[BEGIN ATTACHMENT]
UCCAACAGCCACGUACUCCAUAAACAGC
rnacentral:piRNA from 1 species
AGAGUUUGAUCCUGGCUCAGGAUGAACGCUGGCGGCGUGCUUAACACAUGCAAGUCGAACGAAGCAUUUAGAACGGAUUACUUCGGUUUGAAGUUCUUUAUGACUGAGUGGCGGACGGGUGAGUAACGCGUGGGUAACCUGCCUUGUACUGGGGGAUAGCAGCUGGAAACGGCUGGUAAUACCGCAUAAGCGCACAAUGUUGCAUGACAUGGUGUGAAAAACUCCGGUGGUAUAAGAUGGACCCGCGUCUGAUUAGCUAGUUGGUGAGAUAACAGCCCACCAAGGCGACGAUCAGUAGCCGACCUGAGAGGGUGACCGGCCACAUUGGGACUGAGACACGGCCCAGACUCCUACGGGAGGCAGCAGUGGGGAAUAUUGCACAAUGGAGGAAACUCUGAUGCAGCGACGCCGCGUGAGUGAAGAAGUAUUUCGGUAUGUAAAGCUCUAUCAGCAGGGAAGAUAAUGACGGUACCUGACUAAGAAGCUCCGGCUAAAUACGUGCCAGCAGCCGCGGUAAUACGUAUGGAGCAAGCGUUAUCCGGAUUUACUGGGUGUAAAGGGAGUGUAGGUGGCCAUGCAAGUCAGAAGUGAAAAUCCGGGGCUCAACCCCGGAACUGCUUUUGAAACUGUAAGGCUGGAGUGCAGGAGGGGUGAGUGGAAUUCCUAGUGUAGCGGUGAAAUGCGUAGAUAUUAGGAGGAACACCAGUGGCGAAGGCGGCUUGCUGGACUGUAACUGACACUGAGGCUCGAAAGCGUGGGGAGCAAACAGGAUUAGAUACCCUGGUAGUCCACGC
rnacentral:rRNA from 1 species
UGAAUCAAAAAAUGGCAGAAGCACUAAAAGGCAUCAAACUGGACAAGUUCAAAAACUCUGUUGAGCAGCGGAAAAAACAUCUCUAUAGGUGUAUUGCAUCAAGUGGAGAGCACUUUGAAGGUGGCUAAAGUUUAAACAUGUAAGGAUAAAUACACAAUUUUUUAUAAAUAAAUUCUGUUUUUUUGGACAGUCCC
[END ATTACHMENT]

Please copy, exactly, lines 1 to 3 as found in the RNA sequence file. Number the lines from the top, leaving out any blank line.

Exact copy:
UCCAACAGCCACGUACUCCAUAAACAGC
rnacentral:piRNA from 1 species
AGAGUUUGAUCCUGGCUCAGGAUGAACGCUGGCGGCGUGCUUAACACAUGCAAGUCGAACGAAGCAUUUAGAACGGAUUACUUCGGUUUGAAGUUCUUUAUGACUGAGUGGCGGACGGGUGAGUAACGCGUGGGUAACCUGCCUUGUACUGGGGGAUAGCAGCUGGAAACGGCUGGUAAUACCGCAUAAGCGCACAAUGUUGCAUGACAUGGUGUGAAAAACUCCGGUGGUAUAAGAUGGACCCGCGUCUGAUUAGCUAGUUGGUGAGAUAACAGCCCACCAAGGCGACGAUCAGUAGCCGACCUGAGAGGGUGACCGGCCACAUUGGGACUGAGACACGGCCCAGACUCCUACGGGAGGCAGCAGUGGGGAAUAUUGCACAAUGGAGGAAACUCUGAUGCAGCGACGCCGCGUGAGUGAAGAAGUAUUUCGGUAUGUAAAGCUCUAUCAGCAGGGAAGAUAAUGACGGUACCUGACUAAGAAGCUCCGGCUAAAUACGUGCCAGCAGCCGCGGUAAUACGUAUGGAGCAAGCGUUAUCCGGAUUUACUGGGUGUAAAGGGAGUGUAGGUGGCCAUGCAAGUCAGAAGUGAAAAUCCGGGGCUCAACCCCGGAACUGCUUUUGAAACUGUAAGGCUGGAGUGCAGGAGGGGUGAGUGGAAUUCCUAGUGUAGCGGUGAAAUGCGUAGAUAUUAGGAGGAACACCAGUGGCGAAGGCGGCUUGCUGGACUGUAACUGACACUGAGGCUCGAAAGCGUGGGGAGCAAACAGGAUUAGAUACCCUGGUAGUCCACGC